And while he said he can handle threats, ordinary citizens “shouldn’t have to run a gauntlet to get vaccinated.” That includes walking through a group likely made up of unvaccinated protesters and possibly getting exposed to covid to get protected, he said.
His measure prohibits obstructing, injuring, harassing, intimidating or interfering with people “in connection with any vaccination services.” The bill passed the state Senate with just four no votes and faces one more committee hurdle before it heads to the Assembly floor.
The bill defines harassment as getting within 30 feet of someone to hand them a leaflet, display a sign, participate in any kind of verbal protesting like singing or chanting, or conduct any education or counseling with that person.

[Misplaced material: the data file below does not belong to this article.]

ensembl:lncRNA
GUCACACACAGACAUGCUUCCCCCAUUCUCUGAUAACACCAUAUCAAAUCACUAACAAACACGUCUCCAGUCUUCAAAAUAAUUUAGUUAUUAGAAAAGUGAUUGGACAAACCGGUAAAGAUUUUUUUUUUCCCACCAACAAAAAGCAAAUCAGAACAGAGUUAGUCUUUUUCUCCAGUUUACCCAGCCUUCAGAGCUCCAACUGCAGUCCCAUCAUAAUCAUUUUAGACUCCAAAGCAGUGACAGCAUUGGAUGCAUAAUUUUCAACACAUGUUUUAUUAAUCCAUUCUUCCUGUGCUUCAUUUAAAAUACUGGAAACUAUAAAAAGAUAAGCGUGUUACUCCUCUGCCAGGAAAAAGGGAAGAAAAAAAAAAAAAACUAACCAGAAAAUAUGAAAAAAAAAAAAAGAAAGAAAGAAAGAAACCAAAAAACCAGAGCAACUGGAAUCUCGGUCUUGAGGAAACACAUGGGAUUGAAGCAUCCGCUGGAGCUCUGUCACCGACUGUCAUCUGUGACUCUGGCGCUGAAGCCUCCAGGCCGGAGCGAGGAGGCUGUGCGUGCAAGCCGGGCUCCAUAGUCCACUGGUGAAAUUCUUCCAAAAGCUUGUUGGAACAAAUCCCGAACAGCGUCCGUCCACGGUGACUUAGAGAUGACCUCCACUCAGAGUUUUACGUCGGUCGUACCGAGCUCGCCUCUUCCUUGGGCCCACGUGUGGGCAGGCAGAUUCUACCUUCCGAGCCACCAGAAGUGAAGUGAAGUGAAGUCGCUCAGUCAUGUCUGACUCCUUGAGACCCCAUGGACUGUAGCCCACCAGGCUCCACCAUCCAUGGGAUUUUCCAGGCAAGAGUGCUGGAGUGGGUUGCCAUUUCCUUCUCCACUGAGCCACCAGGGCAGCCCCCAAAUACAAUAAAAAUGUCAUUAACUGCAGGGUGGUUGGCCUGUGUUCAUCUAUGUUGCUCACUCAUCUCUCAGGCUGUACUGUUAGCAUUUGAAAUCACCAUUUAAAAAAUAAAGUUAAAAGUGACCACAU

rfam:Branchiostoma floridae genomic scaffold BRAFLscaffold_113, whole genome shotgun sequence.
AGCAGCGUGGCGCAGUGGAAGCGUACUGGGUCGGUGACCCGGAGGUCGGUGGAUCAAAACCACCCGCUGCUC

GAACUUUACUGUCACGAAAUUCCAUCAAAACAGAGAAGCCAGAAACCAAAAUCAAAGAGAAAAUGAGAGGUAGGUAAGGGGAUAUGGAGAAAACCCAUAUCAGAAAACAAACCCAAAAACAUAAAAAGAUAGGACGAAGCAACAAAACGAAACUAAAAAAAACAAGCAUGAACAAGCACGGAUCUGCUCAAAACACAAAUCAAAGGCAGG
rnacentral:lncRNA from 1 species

Blocking someone or impeding them from getting a vaccine is an obvious problem, and it’s good that the proposal would try to stop that, said Glen Smith, litigation director for the First Amendment Coalition, a California-based nonprofit that promotes the First Amendment, which guarantees rights such as free speech and assembly. But he thinks the proposal goes too far with its definition of harassment.
“To say you can’t get within 30 feet of them just to hand them a pamphlet or ask them a question? That seems to be overkill for me,” Smith said.
It’s worse than overkill, said Eugene Volokh, a professor of First Amendment law at the UCLA School of Law.
“That law is clearly unconstitutional,” Volokh said.
He has two primary concerns with the proposal: